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Letters of Reference

 "My loss is your gain! Jason took more initiative, as a communications intern, than many of my full-time employees!"

"I could count on Lisa to get her assigned tasks done, on time and in the manner I wanted. I'm sure you'll quickly come to value her follow-through as much as I did. I'd hire her back in a heartbeat!"

"She's the best! It's rare to find someone with Jennifer's combination of professionalism, enthusiasm and reliability."

"Todd became an integral part of my office in the first month he was here. His sense of humor added much to office morale. He was the only intern for whom we gave a going-away party." 


Reference letters from former or current employers can add a whole new dimension to your job search. Having someone else applaud your character, work ethic and professionalism is the best way to showcase your intangible, positive character traits.

Just like you might read a book that comes highly recommended, so might an employer hire someone who has great references.


Ask several professors, supervisors or clients to write a professional reference for you and make sure to:

  • Give the reference a current copy of your resume so he/she can field relevant questions if an employer calls.
  • Give the writer a brief list of skills or qualities that are important in your field. Ask your reference to focus on these in his/her letter. This will increase your odds of getting a relevant, dynamic quote.
  • Don't ask for a reference unless you believe the person will say positive things about you.
  • If your supervisor asks you to write the letter, put it on the company letterhead and bring it to him or her to sign. It may be more work for you, but it will help you focus the letter on the exact skills and contributions you want to highlight.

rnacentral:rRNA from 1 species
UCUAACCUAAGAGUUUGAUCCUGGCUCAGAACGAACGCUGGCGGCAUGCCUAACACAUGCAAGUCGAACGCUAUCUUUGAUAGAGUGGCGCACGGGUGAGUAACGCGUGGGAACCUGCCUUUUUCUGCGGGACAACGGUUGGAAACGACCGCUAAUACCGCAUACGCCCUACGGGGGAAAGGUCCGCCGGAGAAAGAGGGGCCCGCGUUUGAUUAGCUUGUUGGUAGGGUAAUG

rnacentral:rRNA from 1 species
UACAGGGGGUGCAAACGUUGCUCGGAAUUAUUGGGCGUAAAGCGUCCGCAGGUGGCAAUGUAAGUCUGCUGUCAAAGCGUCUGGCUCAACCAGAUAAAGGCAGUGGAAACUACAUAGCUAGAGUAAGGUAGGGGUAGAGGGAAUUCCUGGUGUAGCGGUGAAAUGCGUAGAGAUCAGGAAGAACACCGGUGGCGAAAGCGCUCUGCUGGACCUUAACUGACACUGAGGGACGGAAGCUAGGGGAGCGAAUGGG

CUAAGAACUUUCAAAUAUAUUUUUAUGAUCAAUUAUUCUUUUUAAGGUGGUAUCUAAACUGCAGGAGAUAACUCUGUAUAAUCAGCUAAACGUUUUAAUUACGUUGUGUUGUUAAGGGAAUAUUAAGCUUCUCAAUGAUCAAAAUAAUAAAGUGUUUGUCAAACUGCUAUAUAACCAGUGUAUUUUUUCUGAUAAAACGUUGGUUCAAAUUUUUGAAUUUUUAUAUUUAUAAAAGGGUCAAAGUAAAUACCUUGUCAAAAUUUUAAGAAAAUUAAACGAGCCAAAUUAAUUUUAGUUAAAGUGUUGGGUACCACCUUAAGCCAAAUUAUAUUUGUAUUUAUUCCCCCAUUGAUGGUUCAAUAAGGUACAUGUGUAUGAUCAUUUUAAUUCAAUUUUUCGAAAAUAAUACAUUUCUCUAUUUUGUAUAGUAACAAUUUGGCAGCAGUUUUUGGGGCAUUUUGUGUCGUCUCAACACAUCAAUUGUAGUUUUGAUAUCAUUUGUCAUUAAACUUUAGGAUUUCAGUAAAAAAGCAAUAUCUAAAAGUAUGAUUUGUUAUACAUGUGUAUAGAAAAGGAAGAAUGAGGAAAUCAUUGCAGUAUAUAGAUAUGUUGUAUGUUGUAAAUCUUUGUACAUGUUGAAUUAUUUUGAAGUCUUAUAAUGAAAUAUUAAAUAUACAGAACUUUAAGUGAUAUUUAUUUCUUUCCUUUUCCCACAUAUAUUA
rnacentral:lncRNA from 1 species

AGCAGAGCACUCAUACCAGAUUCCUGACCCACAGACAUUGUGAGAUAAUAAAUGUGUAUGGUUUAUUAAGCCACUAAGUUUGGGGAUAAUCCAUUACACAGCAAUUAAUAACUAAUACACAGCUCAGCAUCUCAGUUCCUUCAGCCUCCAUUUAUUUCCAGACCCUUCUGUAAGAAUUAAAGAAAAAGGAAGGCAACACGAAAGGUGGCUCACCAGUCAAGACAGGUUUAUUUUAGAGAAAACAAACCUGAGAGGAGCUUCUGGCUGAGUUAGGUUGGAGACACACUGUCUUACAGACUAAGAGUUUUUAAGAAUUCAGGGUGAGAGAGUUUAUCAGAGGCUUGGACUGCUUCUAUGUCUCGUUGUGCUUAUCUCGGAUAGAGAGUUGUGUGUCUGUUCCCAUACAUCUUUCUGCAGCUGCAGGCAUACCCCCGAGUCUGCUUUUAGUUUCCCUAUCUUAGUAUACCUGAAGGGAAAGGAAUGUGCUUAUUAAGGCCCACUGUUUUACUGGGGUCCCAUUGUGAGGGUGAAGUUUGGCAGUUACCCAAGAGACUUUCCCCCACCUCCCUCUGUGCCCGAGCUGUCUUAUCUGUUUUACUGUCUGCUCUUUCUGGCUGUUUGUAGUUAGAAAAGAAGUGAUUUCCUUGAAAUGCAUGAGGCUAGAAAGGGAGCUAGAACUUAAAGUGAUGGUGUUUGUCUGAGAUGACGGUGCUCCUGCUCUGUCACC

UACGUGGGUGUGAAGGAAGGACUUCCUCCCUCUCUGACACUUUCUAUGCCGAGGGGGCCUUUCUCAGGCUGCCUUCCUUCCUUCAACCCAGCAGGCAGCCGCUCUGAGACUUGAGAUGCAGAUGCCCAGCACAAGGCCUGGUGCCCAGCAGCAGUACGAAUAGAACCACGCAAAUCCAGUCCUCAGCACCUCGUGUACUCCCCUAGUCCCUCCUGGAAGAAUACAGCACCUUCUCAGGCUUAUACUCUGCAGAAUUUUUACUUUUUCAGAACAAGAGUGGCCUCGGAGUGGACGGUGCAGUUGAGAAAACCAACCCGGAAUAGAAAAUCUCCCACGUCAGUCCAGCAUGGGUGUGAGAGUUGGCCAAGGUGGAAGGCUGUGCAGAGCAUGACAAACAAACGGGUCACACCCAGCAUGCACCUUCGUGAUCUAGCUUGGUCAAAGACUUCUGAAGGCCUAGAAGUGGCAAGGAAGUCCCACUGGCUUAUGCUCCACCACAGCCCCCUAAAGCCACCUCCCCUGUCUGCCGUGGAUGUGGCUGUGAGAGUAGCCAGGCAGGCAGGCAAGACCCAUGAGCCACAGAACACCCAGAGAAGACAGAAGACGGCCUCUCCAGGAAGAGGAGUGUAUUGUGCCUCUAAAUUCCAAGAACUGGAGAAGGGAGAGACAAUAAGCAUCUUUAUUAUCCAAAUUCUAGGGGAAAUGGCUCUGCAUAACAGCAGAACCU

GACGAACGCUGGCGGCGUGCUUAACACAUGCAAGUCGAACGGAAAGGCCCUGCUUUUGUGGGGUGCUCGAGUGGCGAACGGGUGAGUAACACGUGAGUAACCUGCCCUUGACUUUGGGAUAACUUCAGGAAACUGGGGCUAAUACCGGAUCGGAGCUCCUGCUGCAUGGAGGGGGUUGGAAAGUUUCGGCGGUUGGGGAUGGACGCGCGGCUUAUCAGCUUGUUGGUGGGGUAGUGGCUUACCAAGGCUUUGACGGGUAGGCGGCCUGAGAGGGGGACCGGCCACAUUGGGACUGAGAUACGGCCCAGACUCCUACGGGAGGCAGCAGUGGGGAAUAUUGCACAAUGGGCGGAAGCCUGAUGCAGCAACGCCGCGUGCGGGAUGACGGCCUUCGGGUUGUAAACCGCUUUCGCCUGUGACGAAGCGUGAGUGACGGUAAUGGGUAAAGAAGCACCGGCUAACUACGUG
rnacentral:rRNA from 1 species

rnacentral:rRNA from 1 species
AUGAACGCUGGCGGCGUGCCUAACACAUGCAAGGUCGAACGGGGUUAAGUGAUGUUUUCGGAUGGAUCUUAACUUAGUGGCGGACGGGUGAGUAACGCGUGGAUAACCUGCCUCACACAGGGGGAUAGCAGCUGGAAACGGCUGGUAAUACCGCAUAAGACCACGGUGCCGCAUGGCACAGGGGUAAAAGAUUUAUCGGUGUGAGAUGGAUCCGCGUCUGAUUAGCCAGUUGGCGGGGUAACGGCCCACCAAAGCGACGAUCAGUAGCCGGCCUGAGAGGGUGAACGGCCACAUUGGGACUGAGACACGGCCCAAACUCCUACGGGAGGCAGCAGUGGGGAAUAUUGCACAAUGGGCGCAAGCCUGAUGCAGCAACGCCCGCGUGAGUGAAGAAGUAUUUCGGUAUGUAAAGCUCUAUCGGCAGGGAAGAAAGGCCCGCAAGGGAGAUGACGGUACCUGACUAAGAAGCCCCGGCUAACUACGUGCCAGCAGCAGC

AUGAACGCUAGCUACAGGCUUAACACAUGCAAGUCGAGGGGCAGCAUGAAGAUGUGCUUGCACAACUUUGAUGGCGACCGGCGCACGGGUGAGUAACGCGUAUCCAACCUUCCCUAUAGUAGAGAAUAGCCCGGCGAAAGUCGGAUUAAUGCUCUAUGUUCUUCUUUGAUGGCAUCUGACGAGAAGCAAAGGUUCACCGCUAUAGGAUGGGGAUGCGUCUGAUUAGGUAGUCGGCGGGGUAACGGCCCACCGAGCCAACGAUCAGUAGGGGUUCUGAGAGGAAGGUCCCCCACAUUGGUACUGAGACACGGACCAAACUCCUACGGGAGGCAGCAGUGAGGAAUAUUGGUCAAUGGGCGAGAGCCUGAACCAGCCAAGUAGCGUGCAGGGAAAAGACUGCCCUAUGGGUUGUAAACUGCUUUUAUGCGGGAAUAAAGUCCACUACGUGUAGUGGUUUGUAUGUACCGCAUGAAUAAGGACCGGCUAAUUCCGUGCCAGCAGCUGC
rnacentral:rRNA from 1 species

• Proof the original copy of the letter of recommendation and hang on to it.
  • Always send a thank you card to your references!

Tip: Make sure your LinkedIn profile is up-to-date. You also can ask for recommendations, and endorse your connections' skills so they will endorse yours in turn. Many employers will now routinely review your Linkedin profile as well as the resume, cover letter and other materials you send them.


Using quotes from your reference letters

When writing a cover letter or resume, it can be compelling to include dynamic, relevant quotes from your reference letters. You can use the quotes in your cover letter to:

  • Capture the reader's interest in your intro paragraph.
  • Prove one of your qualities or skills in the paragraphs describing your qualifications and experience.
  • Summarize yourself in the concluding paragraph.

You can also use quotes in your resume or during an interview to communicate employer satisfaction, break up the data-heavy resume format and highlight your positive personality traits.

In fact, many employers begin the interview with, "So, tell me about yourself." This is your chance to summarize your qualifications. Quoting a former employer is the perfect way to balance confidence and humility. You aren't bragging; your boss is!


Reference letters and the interview

Always bring copies of your reference letters to your interview. Leaving a copy can help you reiterate your qualifications, and shows you're organized and interested.